On account of Buddhism’s unique metaphysical view of the world (anatta; maya; sunyata) Christian theologians have often regarded Buddhists as being socially apathetic and unconcerned with this world. Is this accusation unfounded?

Yes. In fact, Buddhist organisations do a lot to help others. Loving Kindness and Compassion are both important qualities in Buddhism. But when a Buddhist temple or organisation does something good to help others it is mostly not promoted. As an example, our temple has lately been helping flood victims with food and rice, but since it didn’t hit the headlines few people know.

However, as monks we mostly give long term help to people by teaching them how to help themselves.


What are Buddhists – both the ordained and the lay Sangha – doing to help AIDS victims, their families, and the bereaved?

Again Dhamma practice (Generosity, Morality, Concentration of Mind, and Wisdom) is the key word. People have to accept precepts in order to pacify their daily routine, and to meditate in order to develop Right Wisdom whereby they will understand why they contracted HIV in this lifetime. Furthermore they will thereby understand that the only person who can help them out of this unfortunate result of their past misconduct is in fact themselves. Nobody else has the power to help, other than give guidance. We all have our personal karma, and will receive the fruit accordingly. No one can flee from bad (or good) fruit of previous deeds.

We all have to join forces. The government has to do its part, and the Sangha will in turn perform its duties. It’s important to educate people and teach them not only about the problems, but also about the causes. Next the patients should be given some warmth and understanding, thereby helping them to make their minds and behaviour peaceful. As stated earlier, dying with a peaceful mind will help that person to be reborn in a happy world.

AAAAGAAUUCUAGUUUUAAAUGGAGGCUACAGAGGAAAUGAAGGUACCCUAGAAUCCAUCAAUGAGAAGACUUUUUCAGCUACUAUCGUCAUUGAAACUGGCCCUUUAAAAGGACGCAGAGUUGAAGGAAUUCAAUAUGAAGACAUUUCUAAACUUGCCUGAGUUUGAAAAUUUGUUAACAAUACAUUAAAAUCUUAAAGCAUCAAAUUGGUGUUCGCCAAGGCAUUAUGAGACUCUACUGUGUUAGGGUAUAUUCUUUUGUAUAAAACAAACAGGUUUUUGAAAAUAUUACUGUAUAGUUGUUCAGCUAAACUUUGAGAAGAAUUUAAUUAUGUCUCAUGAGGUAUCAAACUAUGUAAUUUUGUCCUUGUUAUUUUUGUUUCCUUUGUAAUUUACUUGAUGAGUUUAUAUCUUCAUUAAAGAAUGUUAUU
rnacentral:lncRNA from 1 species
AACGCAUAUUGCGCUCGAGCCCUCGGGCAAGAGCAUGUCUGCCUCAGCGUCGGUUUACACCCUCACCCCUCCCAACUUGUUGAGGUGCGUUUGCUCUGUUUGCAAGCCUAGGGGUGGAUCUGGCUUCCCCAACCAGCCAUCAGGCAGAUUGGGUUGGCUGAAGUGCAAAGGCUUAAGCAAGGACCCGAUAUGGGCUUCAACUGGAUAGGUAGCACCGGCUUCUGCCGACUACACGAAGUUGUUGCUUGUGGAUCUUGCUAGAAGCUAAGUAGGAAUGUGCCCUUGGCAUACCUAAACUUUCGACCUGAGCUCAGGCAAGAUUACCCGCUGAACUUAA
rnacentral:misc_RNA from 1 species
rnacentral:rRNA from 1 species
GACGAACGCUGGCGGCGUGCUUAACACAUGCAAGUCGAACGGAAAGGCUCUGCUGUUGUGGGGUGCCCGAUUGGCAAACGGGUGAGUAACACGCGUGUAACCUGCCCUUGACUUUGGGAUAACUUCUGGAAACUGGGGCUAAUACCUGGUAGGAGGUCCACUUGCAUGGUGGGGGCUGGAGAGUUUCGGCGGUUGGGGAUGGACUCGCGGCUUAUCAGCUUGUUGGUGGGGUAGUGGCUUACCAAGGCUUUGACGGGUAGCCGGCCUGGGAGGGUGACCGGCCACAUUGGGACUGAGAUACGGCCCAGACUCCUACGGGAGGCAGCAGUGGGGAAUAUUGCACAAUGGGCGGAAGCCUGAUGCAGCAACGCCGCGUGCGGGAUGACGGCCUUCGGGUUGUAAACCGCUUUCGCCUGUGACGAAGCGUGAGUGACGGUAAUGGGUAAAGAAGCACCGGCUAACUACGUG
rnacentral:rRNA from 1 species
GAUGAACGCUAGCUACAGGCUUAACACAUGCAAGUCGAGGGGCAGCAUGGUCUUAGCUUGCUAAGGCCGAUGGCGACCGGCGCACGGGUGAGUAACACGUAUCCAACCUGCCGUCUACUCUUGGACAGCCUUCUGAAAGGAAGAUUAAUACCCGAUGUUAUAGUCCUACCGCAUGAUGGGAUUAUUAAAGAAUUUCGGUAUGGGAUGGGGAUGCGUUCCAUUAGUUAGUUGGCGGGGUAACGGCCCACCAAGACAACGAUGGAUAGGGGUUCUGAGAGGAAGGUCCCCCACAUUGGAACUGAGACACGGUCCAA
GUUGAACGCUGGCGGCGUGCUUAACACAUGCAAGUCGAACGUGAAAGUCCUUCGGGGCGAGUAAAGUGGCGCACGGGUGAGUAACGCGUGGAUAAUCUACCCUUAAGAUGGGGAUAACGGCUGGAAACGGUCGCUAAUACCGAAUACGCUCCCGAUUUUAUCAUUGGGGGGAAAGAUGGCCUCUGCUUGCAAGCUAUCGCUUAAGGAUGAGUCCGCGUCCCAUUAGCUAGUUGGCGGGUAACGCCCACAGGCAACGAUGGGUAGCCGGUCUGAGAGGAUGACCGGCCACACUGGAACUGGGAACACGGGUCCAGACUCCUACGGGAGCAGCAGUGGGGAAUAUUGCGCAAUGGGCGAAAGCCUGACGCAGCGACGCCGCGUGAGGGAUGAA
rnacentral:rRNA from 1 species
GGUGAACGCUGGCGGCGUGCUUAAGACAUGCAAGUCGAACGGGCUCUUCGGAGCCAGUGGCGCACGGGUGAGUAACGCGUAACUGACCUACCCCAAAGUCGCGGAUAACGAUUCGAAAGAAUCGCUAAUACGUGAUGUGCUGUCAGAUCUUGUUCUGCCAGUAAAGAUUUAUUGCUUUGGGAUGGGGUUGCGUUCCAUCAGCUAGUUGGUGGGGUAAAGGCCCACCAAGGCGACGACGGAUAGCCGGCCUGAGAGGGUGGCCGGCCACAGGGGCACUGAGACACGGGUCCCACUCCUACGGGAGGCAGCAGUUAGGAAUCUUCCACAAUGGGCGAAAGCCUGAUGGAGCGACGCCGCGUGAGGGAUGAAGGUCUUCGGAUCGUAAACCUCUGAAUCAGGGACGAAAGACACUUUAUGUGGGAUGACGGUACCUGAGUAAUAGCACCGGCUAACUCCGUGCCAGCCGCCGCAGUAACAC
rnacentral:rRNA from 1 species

Can the Sangha help the laity to become more compassionate regarding their views of AIDS patients? It must be conceded that presently in Thailand people look with disdain upon not only HIV/AIDS victims, but their families too.

People in general need more education about AIDS, especially learning about the risk of contracting it. That’s why families abandon a member who has contracted the virus. They still think that simply touching the patient is dangerous. So education is crucial, but that is mostly a lay person’s job. On the spiritual level, monks can teach Dhamma (Generosity, Morality, Concentration of mind, and Wisdom) to both the victims and their families, and also encourage them to keep the basic 5 precepts on a daily basis. And those who understand the law of Cause and Effect will clearly see the benefits of keeping precepts. Soon they realise that the key solutions to solving all current problematic issues in our society today can all be found in the profound teaching of our great teacher, the Buddha.


© Wat Luang Phor Sodh Dhammakayaram, Thailand